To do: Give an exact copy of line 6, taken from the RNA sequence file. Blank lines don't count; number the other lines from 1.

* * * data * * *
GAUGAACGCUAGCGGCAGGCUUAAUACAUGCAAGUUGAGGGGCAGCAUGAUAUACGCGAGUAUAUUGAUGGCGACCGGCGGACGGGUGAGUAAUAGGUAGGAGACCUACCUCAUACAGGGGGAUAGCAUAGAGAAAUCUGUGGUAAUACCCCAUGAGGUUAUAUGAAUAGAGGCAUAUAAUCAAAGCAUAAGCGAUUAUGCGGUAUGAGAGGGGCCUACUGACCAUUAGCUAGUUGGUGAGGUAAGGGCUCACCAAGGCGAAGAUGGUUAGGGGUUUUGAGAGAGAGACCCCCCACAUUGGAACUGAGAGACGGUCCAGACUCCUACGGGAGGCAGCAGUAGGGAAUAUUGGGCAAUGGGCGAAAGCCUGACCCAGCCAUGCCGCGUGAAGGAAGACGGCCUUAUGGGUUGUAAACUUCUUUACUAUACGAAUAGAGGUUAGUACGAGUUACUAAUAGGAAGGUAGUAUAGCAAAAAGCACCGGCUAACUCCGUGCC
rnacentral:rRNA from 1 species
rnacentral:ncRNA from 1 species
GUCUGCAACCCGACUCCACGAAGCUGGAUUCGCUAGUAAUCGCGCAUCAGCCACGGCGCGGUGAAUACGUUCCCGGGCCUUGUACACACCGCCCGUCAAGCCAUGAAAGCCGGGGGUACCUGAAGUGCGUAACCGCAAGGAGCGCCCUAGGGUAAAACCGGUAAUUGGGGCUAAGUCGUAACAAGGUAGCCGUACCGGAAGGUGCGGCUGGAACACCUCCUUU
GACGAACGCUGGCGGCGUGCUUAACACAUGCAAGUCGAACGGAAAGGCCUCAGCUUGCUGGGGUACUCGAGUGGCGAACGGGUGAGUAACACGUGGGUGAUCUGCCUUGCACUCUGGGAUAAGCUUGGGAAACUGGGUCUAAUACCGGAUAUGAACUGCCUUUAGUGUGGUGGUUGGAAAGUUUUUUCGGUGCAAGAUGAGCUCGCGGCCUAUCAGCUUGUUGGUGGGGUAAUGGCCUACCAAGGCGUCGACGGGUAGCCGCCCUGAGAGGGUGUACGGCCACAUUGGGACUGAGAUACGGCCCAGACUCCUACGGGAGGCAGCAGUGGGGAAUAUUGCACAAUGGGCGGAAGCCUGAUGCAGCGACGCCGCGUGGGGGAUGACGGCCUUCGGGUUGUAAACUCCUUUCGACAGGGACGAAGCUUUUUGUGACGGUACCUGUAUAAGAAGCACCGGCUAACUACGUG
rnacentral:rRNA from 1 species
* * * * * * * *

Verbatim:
rnacentral:rRNA from 1 species